Zimbabwean Startups should solve real problems

In their short but insightful bestseller Rework the guys at 37signals (now Basecamp) offer some great advice on how to start and run a business. The best ideas, Fried says, are those that solve real problems you have.

“The easiest, most straightforward way to create a great product or service is to make something you want to use. That lets you design what you know- and you’ll figure out immediately whether or not what you’re making is any good”

Jason Fried calls this “scratching your own itch”.

I’ve noticed that this is something the local startup community totally misses. People come up with some all sorts of ideas and products – though most are just ideas of a website, app or something similar- which rarely translate into real money or businesses.

These ideas are not only not very good- you only need to attend one of the startup competitions to realise this – they are also usually focused on internet users and do not solve any real problem most Zimbabweans have.

Now there are two problems with this. Firstly there are not that many people using the internet in Zimbabwe so a service or product based entirely on the web and focused solely on internet users has to be unique and very good to succeed. Which is why the various social sites ambitiously touted as “Zimbabwe’s first social network”, “A new social network by Zimbabweans for Zimbabweans” etc will likely fail.

Secondly, and most importantly, these startups rarely solve any problems we have. Zimbabwean startups do not scratch our itches. They might make something easier for a few people but hardly go beyond that. Take for example the winners at Startup Weekend Harare: Food match and Getsi.co. Brilliant ideas no doubt but- with all due respect – I don’t think many people need an app to check if there’s ZESA at home. And I’m a techie guy.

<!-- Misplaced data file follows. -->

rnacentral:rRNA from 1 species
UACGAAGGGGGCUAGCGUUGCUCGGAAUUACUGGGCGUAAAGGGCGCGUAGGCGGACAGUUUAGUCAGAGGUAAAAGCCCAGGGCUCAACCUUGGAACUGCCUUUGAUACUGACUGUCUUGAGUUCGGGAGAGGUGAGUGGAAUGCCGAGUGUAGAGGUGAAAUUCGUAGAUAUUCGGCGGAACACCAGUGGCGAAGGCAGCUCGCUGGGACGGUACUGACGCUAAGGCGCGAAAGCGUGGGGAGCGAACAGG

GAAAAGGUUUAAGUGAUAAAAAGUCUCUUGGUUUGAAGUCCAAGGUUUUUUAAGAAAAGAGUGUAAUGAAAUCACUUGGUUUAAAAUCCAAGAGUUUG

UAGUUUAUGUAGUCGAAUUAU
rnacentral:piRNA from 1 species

I’m not saying an idea has to be new or life changing. Innovation, after all, is rarely new. The key point here is that to succeed you must offer solutions to problems and the best way to do that is by scratching your own itch.

Take, for instance, the “Selfie Stick” a rather narcissistic but brilliant invention whose sole purpose is to enable people to take better selfies. It was the Selfie Stick which inspired this post- it’s been on the news a lot lately because it has become so ubiquitous and is being banned in some stadiums and other public places.

There’s nothing new or very clever about the Selfie Stick but it was probably “invented” because someone, somewhere wanted to take selfies and realised that a simple extensible bar can hold the camera/phone and do the job. And the Selfie Stick business was born.

In Russia a smart guy tired of slipping on snow and ice came up with a ridiculously simple product that’s now a huge business: The Yaktrax. Yaktrax are just coils of lightweight wires strapped on the bottom of shoes which make walking on ice a great deal safer – and less embarrassing. They cost $20 and can be put on shoes in a minute. Simple, useful and brilliant.

My favourite example of scratching your own itch is the Nigerian dude who, after failing to find black dolls for his kid, started making black dolls. That’s very innovative. Not new in any way, but he saw a real problem faced by millions of people and came up with a solution.

This is what I think we should be trying to do in Zimbabwe. Come up with solutions to everyday challenges we face. Because there are thousands of people like you who likely face the same problem there’ll be a market for your solution. And you can test it on your own.

Novel solutions to imagined problems can be cool and exciting but they rarely go beyond the tipping point . We might all be excited about your app which tells us what time the sun sets every day and maybe you’ll even get 25 downloads but is anyone going to buy it?

Not me, I’d rather check my watch and then peep out of the window and see whether the sun is setting or not.

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  1. Nyasha May 29, 2015 at 11:40 am

    Preach! Some very insightful points made here and useful things to think about – thank you.

  2. Pingback: The meaning of innovation

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